Displaced People: 4,525,968
In June of 2014, ISIL was born in northern Iraq and quickly established itself as an extremist group that could ruthlessly control large swathes of territory. It quickly defeated the fledgling Iraqi military, and grew to encompass vast swathes of Syria and Iraq.
Only with the intervention of Coalition forces has the fractious Iraqi government been able to cling to power. The cost, however, has been extreme, as the terrorist organisation has fortified itself in cities and townships to use civilians as human shields against the Coalition’s air-power.
While ISIL has been pushed back into its final stronghold of Mosul, the final battle for the city is sure to be a bloody one.
2) Syrian Civil War
Commenced: March 15, 2011 – Present
Deaths in 2016: 49,742 – 60,000
Belligerents: Syrian Government, Iran, Hezbollah, Russia, Turkey, Free Syrian Army rebels, Islamic State of Iraq in the Levant (ISIL), Kurdish independence groups
Total Death toll: Between 321,358 – 470,000
Displaced People: 7,600,000 internally displaced and over 4,800,000 refugees
The horrors of wh=at began as a popular uprising against dictator Bashar Al-Assad continues to drag on with no clear end in sight despite more than 1 in 10 people in Syria being killed.
The civil war has morphed into a multi-sided war between extremist groups such as ISIL, moderate rebels, the Russian backed regime, and Kurdish Independence fighters who are now fighting a Turkish incursion into Northern Syria.
The Obama Administration promised to intervene when the infamous “line in the sand” on chemical weapon use. The line was crossed, however America’s domestic audience had no stomach for another Middle Eastern Intervention, and thousands of Syrian civilians have died from such attacks and other horrors of war.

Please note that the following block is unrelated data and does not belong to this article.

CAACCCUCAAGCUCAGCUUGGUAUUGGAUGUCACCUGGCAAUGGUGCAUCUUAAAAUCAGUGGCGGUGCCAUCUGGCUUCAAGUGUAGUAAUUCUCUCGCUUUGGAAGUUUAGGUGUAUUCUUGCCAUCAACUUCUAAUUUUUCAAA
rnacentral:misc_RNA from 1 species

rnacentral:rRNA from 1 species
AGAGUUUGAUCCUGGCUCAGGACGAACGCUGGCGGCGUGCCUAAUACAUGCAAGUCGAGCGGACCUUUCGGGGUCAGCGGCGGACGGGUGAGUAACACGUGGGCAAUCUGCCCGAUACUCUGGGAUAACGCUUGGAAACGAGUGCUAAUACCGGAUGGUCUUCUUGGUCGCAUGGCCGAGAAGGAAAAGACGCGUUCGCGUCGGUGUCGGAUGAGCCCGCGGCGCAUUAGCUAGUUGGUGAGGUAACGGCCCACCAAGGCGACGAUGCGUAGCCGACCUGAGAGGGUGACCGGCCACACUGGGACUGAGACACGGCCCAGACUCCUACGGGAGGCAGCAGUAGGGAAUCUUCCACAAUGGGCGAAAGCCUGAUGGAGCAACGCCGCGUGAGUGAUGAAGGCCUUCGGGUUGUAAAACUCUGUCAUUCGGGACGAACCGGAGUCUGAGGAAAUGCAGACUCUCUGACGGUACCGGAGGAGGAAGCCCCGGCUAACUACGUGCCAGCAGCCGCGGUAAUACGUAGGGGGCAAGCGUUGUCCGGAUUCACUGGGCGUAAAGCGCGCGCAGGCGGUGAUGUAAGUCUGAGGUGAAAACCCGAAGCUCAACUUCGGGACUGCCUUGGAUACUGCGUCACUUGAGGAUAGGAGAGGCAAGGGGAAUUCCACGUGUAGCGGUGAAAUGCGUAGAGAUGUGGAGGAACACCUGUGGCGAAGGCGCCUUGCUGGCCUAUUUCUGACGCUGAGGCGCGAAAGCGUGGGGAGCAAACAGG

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1) The War in Afghanistan
Commenced: 7 October, 2001 – Present
Deaths in 2016: 23,539+
Belligerents: Islamic Republic of Afghanistan and allies, Islamic State of Iraq in the Levant (ISIL) and affiliated groups, The Taliban and affiliated groups
Total Death toll: 1,240,000 – 2,000,000
Afghanistan tops our list as the bloodiest conflict zone in the world. Despite the U.S. and allies withdrawing, Afghanistan’s weak government and poorly trained army are locked in a war with the Taliban and other extremist groups.
Since Western forces have largely withdrawn, the Taliban has been on the offensive to regain ground and control. Tens of thousands of soldiers and civilians are killed every year, and the country continues to suffer from a war that began more than sixteen years ago.